Russia’s next president, Dmitri Medvedev, is a businessman. Before entering politics, Medvedev worked at a timber company, then sat on the board of a major Russian paper producer. He is currently the chairman of Gazprom, the energy giant that is Russia’s largest company and the world’s leading producer of natural gas. Some analysts, like CFR’s Stephen Sestanovich, say Medvedev’s business background may explain why Russian President Vladimir Putin seems so keen on him. Medvedev has no explicit KGB connections, Sestanovich says, which extracts him from Russia’s political turf wars. But Medvedev also makes a case for himself on economic grounds (Moscow Times). Following a sweeping victory (Reuters) in Russia’s March 2 vote, which some election monitors criticized for irregularities (BBC), Medvedev stands poised to assume power at a time when Russia’s economy is at a crossroads. Booming wealth from natural resources has put the country in a newly powerful position, but a host of lingering problems threaten to undermine Moscow’s new buoyancy.
Spiking oil and natural gas prices account for much of Russia’s boom. Global oil prices have increased nearly tenfold since 1998, when they hit lows under eleven dollars per barrel (PDF). Data from the International Monetary Fund (IMF), displayed below, shows how this trend has steadily lifted Russia’s per-capita gross domestic product (GDP) from a point where it was well below the global average to having now surpassed it. In 2007, Russia showed GDP growth between 6.5 percent and 8.1 percent, depending whose numbers you use. In either case, that was at least double the 2007 growth rate of the United States, though the U.S. economy still dwarfs that of Russia in overall size. The Russian economy has also benefited from a flood of foreign investment. A commentary in Forbes notes that more than $200 billion flowed into Russia in 2007, marking an annual foreign investment growth rate of 2.5 percent—higher than that of any of the world’s fifteen biggest economies (Russia ranks eleventh, by 2007 IMF data).
This boom has brought increased political power, which analysts say the Kremlin has eagerly flexed. The row over Kosovo’s independence provides an example. After threatening to block UN recognition of Kosovo, Moscow negotiated a natural gas deal that gives the Kremlin substantial control over Serbia’s natural gas industry (Eurasia Monitor). At the same time, Russia threatened to cut gas shipments (ChiTrib) to regional rivals like Ukraine. The BBC credits newfound Russian economic stability for Putin’s “confident swagger” in regional politics. The Economist quotes one unnamed European leader as saying, “Russia is getting stronger; we are getting weaker.” The same article features a graphic demonstrating Russia’s chokehold on Europe’s natural gas industry.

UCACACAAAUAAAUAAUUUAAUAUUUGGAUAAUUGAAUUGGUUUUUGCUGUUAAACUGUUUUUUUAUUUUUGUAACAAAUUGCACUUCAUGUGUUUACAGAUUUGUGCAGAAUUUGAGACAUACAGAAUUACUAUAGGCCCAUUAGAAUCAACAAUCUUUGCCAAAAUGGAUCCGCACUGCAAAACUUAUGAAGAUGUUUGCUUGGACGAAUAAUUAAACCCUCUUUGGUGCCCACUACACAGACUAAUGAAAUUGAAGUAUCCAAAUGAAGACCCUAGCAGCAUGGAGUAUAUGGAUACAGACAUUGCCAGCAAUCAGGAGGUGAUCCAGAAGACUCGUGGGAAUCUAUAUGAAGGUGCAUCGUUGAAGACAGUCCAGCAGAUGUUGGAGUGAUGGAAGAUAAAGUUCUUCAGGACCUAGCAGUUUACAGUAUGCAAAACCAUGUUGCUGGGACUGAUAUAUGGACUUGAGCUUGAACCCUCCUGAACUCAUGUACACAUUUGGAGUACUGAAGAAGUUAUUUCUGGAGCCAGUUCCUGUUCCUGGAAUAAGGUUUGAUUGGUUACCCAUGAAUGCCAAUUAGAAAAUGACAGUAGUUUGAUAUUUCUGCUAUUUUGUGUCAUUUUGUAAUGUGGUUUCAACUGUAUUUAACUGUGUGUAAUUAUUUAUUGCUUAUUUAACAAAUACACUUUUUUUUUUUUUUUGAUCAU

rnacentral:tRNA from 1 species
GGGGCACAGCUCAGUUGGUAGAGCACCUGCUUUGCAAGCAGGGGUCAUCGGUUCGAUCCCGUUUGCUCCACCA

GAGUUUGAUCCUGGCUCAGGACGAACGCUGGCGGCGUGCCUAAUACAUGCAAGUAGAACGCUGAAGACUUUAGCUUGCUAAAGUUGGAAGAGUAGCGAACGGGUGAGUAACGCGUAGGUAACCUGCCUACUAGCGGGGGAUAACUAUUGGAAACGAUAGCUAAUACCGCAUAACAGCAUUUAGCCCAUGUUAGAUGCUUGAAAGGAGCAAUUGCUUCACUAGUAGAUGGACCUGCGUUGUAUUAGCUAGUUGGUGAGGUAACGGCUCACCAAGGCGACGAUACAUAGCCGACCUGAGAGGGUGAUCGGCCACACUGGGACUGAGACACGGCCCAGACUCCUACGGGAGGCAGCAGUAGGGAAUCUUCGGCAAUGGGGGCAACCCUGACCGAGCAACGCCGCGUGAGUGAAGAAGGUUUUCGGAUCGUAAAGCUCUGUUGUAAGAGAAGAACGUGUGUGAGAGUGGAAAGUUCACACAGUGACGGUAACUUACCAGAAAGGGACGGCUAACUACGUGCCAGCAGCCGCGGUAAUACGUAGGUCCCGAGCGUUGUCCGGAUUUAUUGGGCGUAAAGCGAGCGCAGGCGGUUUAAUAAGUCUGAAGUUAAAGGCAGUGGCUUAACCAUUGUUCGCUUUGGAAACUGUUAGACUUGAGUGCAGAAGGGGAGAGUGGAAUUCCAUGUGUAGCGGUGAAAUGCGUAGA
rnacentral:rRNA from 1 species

Yet for all Moscow’s recent gains, economic storm clouds loom on the horizon for the next Russian president. In the first place, Russian growth is slowing. The Economist Intelligence Unit projects real GDP growth will drop from 7.5 percent in 2007 to 4.3 percent in 2012. The country’s inflation rate, which jumped to 11.9 percent in 2007, also poses a major problem (Bloomberg). The World Bank’s latest report on the Russian economy cites a slew of short- to medium-term challenges, from developing critical infrastructure to improving fiscal policy. A recent Foreign Affairs article adds another pessimistic note, arguing that many Russians now credit Putin’s firm-fisted style for the country’s prosperity. Yet this growth, the article says, has been shadowed by worsening social and political benchmarks—including growing violent crime, an eroding health care system, and ingrained corruption.